Updated: Nov 12, 2020
While many people look forward to the holidays and all of the enjoyable activities that can come with this time of year, there are a good number of us that can struggle through this season. These struggles can come at the impact of many different variables. In this article, we will focus on two of the more common situations that can create stress and affect our perception of the holidays.
Loss of Relationships
With the holiday season being so family/friend oriented, those of us that have experienced some type of loss of relationship, can impact the way that we invite this time of year. These losses can come through death, divorce, or estrangement in any relationship that was important to us. Having lost a couple of family members over the last year, and also moving away from a core family and social network, I personally recognize the simultaneous pain, and joy, that can be experienced at times that you would normally be with your loved ones.
One of the things that helps me deal with these times, is to think about how you would want your loved ones to experience the holidays without you. Would you want them to let the pain of your absence lead to a sorrow-filled and dark time during these periods. Sometimes, the idea that our loved ones would want us to carry on as our “best” self, especially in times of pain, can be the emotional motivation we need to adjust perspective and focus on the good and not the bad; appreciate what we have, and not what we don’t. We can do this by celebrating past relationships, as well as our current ones. This can sometimes be difficult, given the memories and traditions associated with family and the holidays.
It is important to remember that creating NEW memories and traditions, is NOT doing a disservice to those we are no longer with.
In fact, we do our current, and past, relationships a disservice by holding ourselves emotionally hostage to the pain of yesterday. If we can attempt to switch our belief about the benefit we are creating by “shutting down” during the holidays, we have a good chance at developing a more accurate beneficial response.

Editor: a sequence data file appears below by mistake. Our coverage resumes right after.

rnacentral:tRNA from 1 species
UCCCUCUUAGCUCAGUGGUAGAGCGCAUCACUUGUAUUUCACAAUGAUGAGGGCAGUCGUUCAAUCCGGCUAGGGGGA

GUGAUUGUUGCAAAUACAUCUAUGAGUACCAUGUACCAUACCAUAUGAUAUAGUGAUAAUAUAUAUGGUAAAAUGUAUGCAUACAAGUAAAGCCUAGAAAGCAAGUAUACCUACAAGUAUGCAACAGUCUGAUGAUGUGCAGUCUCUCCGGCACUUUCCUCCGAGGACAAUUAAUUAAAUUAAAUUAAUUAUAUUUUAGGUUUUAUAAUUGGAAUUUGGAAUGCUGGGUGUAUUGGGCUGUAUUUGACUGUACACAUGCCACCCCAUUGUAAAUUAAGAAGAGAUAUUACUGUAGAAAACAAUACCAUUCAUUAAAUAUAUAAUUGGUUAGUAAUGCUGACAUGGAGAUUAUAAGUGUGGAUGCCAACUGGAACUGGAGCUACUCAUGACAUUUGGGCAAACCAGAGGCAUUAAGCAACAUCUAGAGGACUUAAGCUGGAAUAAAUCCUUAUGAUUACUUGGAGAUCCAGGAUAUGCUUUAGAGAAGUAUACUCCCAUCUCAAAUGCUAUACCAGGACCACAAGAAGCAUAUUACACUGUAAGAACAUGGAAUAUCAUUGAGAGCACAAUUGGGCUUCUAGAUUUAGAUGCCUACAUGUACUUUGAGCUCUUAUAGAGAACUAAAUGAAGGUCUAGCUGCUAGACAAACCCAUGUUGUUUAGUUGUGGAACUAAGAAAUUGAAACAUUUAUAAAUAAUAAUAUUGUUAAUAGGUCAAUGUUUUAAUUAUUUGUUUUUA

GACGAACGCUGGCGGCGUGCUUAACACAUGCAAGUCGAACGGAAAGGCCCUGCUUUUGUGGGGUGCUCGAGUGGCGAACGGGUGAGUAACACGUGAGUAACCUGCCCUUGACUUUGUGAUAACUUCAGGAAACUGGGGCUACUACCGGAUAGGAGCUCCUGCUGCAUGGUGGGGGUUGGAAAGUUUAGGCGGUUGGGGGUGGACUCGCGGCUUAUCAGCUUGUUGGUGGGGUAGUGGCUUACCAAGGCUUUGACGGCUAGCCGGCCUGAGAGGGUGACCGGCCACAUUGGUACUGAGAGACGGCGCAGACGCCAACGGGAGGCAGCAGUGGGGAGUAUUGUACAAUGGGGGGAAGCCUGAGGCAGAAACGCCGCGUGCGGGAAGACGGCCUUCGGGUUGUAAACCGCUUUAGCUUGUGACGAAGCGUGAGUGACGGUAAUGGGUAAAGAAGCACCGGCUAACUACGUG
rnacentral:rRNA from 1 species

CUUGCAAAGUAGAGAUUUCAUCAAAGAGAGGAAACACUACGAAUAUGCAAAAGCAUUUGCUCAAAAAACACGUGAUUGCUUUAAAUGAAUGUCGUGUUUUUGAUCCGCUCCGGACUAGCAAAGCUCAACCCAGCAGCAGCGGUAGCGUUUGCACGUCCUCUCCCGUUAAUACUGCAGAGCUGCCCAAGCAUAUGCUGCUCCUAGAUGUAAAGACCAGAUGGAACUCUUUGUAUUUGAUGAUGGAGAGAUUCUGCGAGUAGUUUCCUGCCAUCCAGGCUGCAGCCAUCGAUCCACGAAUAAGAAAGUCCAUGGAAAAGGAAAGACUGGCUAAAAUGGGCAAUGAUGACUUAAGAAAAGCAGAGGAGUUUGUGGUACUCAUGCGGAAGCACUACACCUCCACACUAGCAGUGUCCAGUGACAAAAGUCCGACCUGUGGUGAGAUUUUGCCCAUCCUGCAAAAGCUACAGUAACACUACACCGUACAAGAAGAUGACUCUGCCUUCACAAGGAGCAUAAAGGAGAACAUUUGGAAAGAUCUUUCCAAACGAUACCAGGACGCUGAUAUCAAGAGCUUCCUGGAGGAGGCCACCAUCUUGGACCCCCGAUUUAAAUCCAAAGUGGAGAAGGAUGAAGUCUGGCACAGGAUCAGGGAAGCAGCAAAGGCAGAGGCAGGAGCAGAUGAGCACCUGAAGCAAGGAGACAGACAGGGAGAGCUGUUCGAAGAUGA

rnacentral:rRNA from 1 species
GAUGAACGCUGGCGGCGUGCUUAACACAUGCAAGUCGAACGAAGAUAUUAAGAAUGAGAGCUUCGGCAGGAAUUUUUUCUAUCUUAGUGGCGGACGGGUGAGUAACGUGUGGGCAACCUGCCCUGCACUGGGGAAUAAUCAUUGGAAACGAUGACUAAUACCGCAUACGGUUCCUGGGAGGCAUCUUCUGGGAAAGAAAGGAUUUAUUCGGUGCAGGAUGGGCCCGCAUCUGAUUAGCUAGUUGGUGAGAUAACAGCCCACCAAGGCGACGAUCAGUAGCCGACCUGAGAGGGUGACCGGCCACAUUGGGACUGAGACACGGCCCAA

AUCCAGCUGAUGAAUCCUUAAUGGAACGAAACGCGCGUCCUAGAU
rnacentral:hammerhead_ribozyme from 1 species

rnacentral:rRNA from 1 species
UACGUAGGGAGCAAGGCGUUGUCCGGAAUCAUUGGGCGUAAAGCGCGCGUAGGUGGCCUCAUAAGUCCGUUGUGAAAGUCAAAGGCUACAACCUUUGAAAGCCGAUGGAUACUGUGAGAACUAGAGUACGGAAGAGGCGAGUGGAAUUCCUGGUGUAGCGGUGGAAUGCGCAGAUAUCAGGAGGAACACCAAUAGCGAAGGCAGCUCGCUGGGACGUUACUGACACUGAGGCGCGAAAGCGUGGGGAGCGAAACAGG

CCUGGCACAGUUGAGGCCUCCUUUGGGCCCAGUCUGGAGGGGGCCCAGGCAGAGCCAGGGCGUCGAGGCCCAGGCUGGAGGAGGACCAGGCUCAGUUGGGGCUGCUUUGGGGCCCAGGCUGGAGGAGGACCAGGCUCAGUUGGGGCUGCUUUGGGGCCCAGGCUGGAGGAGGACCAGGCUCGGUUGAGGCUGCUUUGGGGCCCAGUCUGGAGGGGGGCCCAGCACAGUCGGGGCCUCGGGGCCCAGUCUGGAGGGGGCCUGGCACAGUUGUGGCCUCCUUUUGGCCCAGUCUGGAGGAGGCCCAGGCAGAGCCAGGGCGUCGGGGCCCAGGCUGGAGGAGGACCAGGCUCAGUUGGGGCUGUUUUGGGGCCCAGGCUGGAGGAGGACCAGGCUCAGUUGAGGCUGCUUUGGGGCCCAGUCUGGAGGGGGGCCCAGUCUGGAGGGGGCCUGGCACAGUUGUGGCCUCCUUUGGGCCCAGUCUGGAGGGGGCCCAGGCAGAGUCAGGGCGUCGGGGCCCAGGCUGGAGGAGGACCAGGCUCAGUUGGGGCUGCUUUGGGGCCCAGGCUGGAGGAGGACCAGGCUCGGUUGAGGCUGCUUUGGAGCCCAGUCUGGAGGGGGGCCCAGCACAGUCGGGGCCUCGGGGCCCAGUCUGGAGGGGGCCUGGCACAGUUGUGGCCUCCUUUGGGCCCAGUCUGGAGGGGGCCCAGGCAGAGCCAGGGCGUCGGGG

The second variable that can make the holidays stressful, is one that is constructed more by societal norms, yet has internal processing aspects that give us a place to start a correction. How many times has someone told you that they bought you a gift, and you had not even considered them in your list of “giftees”? Now, do you have to buy them a gift? How much stress is created trying to raise the money to buy everyone that you care about a gift? How difficult can it be to get to see every family member for the holidays, especially if you are in a relationship and have two sets of families to visit? Can you afford to buy gifts, expend travel costs, and take time off of work? If you don’t, how upset will people be?
These are all questions that get asked over the holiday season!
Fortunately, there is one exercise that we can practice during the holidays, that is one of the most important tools for long-term mental health, and can (SHOULD) be utilized in our everyday lives; SETTING HEALTHY BOUNDARIES.
During the holiday season especially, it is important to set realistic expectations of what you can accomplish. Try not to associate “what you can do”, with “how you feel about someone”! I want to buy my daughter a car. If I financially cannot, does that mean I don’t care about her? I want to fly to Korea to visit a family member for the holidays. If I cannot, does that mean I don’t care? The idea is to set your expectations and boundaries, to a place that keeps you from being overextended, overwhelmed, and emotionally exhausted. Your loved ones will understand, and IF they don’t, it is important to remember that you set those boundaries according to what YOU need, so there is a good chance that not EVERYONE will receive it the same. As we have ZERO control over other people’s happiness, it does not benefit us to compromise our happiness, in attempts to appease others.
To learn more about adjusting perspective around the holidays, and setting healthy boundaries and realistic expectations, work with a therapist or life coach to help you develop those skills.
We here at Anumi wish you a HAPPY HOLIDAYS,
and hope your new year is one filled with growth!